Still tasty after all these years, El Cap's fare hasn't changed much - and that's just the way the St. Petersburg restaurant's fans want it.
By CHRIS SHERMAN
Published September 9, 2004
[Times photo: Jamie Francis]
The El Cap burger is still best enjoyed with cheese, lettuce, tomato, pickle and onions.
ST. PETERSBURG - Is there something new at El Cap? No. Should there be?
Well, the joint has caught onto those newfangled chicken wings and the whaddya-call-em cheesesteaks from up in Philadelphia, but the menu at El Cap hasn't really changed much in decades. The only real novelty is nuggetized corn dogs. (How many does it take to produce a litter of 10 corn pups?)
El Cap is the same as it always has been, which is why we go there and fill up the place daily. Oh yeah, you can use a credit card and smokers sit outside now, but drinkers and eaters, sports talkers and arguers still sit inside, where they can debate the state of the Rays, Bucs or Lightning with a barfly or a TV screen. Burgers and sports come first here and have since 1964.
A more useful question is whether there's anything to eat besides burgers? Not that there needs to be, for El Cap's signature is still a fine use for freshly ground beef, best enjoyed full-bore with cheese, lettuce, tomato, pickle and onions. The pickles are those redesigned ovals the size of a racetrack, but I forgive that and add it up to the sloppy joys of the best d.i.y.-burgers. I like my onions grilled, to add to the mess (and don't tell the ninnies, I'll have my burger rare, too.) The true gourmand doubles up on the patties. But I demurred. Really.
If you've never gotten beyond the burgers, you might be surprised. It's a short list, almost all sandwiches, but it's not bar food or even deli stuff. El Cap serves the kind of simple sandwiches you can't get anymore: Swiss cheese on white bread (get rye to be exotic), complete with an Alpine joke. Or liverwurst, or ham, or salami. Yes, they lay it on heavy, but it won't have any trimmings unless you want 'em (and pay extra).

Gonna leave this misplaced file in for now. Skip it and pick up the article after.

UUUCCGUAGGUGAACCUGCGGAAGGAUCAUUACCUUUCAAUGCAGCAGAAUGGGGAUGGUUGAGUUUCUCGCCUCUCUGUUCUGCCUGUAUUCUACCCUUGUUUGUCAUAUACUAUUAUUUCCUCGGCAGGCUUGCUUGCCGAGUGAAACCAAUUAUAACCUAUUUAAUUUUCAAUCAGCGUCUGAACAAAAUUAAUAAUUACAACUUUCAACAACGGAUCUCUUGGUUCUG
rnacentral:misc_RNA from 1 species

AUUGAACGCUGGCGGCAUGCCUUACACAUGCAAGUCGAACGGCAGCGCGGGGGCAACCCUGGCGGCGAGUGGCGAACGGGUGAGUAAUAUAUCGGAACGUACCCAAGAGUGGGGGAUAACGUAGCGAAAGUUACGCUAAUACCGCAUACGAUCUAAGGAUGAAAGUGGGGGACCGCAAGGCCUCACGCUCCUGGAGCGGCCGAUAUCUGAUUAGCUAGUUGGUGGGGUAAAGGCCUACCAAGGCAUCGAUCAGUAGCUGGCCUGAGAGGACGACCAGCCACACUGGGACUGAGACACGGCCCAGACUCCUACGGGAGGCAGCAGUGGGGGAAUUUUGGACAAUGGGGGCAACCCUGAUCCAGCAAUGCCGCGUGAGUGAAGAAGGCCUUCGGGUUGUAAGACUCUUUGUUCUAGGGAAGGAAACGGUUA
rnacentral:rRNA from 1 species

These are the sandwiches your parents made at home on a Saturday, not the work of a generous or feisty counterman. I almost expected to see pickle loaf and waxed paper bags. While there's a grilled cheese, pork tenderloin and other hot sandwiches, there's no meatloaf, chicken pot pie or other nostalgic heart-warmers. The best here is cold comfortfood, but comforting, indeed, in a wrap-warped world. Bring on the cole slaw. Real chicken salad? Yep, crunchy with onion, slippery with mayo, it fills almost an inch between the bread and spills beyond. Few make 'em like that anymore.
Chili is like home, too, at least my home, not real thick, a bit oily, kicked up with a little chili powder. But the kitchen does go beyond Mom and Dad on a few items. We never had fries as crisp as El Cap's, never grilled an Italian sub and only rarely had leftover meatballs around for a sub (a Tuesday special). And El Cap does make a fair fried grouper sandwich, not the best on the beach, but good eating.
There is no dessert and only a little wine and wine coolers. The beverage of choice is beer, and it's not a bad range, with $1.20 drafts, $1.75 cans of PBR, and Yeungling, Genny Cream, Newcastle and Warsteiner the best of the bottles.
The icing is the homey atmosphere, which you ought to pick up from the rathskellar decor (okay with 16 TVs), underscored by bartenders and servers who treat you as family. Maybe ornery relatives, but still family. One pro brought our burgers with instructions. "Be careful there. You might want to turn it over and eat it that way. The bottom half of the bun gets wettest first." We would have figured that out, Mom. Honest, we would have. But thanks.